In December of last year, Randy and Burton Cummings launched a lawsuit against the current band touring as The Guess Who. In April, Burton escalated the battle by terminating the performing rights agreements for all the Guess Who songs he wrote, removing the copyright protections that allow the band to perform any of his hit songs live.

“I’m with Burton on this, by the way. The two of us are doing this. It’s kind of unfair to people. It’s been going on for 20 years, but we weren’t really aware of it. Because of Covid, now everybody’s sharing on Instagram or YouTube, and we’re getting complaints because people now have access to us and our websites. “We went to see you guys and you weren’t there.” “We drove 400 miles and paid $600.00 for four tickets.”

These guys weren’t even born when the songs were hit songs. We can’t do anything to them for using the name. That was stolen and trademarked. We didn’t know about it, and if you don’t oppose a trademark or copyright, it becomes historical. But what they were doing was false impersonation, false advertising, which is what Burton got them for. And he made a good move on that to shut them down.”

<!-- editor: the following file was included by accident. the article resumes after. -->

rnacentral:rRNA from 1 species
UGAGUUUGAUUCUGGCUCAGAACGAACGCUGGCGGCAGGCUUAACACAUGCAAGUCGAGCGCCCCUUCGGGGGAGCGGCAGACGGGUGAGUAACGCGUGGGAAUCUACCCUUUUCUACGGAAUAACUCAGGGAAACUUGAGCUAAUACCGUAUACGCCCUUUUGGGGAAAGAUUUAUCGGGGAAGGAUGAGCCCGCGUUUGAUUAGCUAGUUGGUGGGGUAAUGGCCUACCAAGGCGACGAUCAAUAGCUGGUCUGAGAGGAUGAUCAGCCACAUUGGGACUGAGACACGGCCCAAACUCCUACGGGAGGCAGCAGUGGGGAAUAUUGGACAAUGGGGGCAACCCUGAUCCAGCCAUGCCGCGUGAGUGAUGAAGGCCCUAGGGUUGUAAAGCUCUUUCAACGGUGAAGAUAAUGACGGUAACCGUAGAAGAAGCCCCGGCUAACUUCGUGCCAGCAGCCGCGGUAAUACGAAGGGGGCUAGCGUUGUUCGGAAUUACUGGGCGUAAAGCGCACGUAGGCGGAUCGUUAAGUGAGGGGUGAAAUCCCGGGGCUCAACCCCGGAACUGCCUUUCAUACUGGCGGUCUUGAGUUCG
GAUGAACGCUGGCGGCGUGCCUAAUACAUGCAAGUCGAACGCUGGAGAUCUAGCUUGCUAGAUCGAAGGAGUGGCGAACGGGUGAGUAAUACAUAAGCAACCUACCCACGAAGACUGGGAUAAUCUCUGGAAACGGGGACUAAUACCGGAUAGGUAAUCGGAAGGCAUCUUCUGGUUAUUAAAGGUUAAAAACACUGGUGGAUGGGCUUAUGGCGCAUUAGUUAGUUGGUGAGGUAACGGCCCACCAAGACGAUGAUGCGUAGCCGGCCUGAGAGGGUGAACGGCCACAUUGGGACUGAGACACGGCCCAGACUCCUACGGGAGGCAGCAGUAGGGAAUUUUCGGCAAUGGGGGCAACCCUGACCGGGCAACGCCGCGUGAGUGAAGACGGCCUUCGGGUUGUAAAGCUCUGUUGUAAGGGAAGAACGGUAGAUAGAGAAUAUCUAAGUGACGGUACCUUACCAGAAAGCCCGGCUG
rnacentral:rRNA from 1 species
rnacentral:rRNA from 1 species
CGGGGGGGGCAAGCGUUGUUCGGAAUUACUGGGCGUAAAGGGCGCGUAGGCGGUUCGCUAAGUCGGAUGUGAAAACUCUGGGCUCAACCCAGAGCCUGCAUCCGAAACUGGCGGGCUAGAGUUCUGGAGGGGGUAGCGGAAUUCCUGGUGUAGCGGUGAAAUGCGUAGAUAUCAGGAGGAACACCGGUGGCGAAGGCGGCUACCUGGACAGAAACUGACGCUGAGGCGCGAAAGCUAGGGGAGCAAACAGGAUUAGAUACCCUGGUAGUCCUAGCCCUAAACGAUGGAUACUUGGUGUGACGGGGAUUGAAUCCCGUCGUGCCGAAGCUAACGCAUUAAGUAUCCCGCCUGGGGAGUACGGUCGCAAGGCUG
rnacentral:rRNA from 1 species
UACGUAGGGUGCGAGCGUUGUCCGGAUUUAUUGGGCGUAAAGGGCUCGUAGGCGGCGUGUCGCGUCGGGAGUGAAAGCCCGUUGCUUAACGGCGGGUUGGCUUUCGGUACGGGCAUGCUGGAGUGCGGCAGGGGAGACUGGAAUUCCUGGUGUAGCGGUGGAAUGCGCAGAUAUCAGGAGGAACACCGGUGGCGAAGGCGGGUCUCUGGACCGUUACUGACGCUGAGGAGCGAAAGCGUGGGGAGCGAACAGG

“On this BTO tour we do every BTO hit and we do album cuts, like “Take It Like a Man”, “Give Me Your Money”, Blue Collar”. In the old days you didn’t have singles. You had very repetitive airplay on album cuts. I also take a moment in the show and say, “I was in another band called the Beatles, but they were called the Guess Who. And I do a three or four-song medley of Guess Who stuff and then again later on in the set because a lot of people just want to hear Undun, and so we do it.”

This is a ride through musical history based on Winnipeg, with stories about Burton Cummings, Fred Turner, Neil Young, and myself, and how we all came out of that. We’re all still alive and rockin’ in the free world. If you get to see Neil Young, I know he’s playing London, Ontario.

It might be the last time you ever get to see us because we didn’t go anywhere for three years and now, we get to go to all these places again and we can’t play them all at once.



As seen in the 2024 issue #70:

519 Issue 70 June 2024 - Web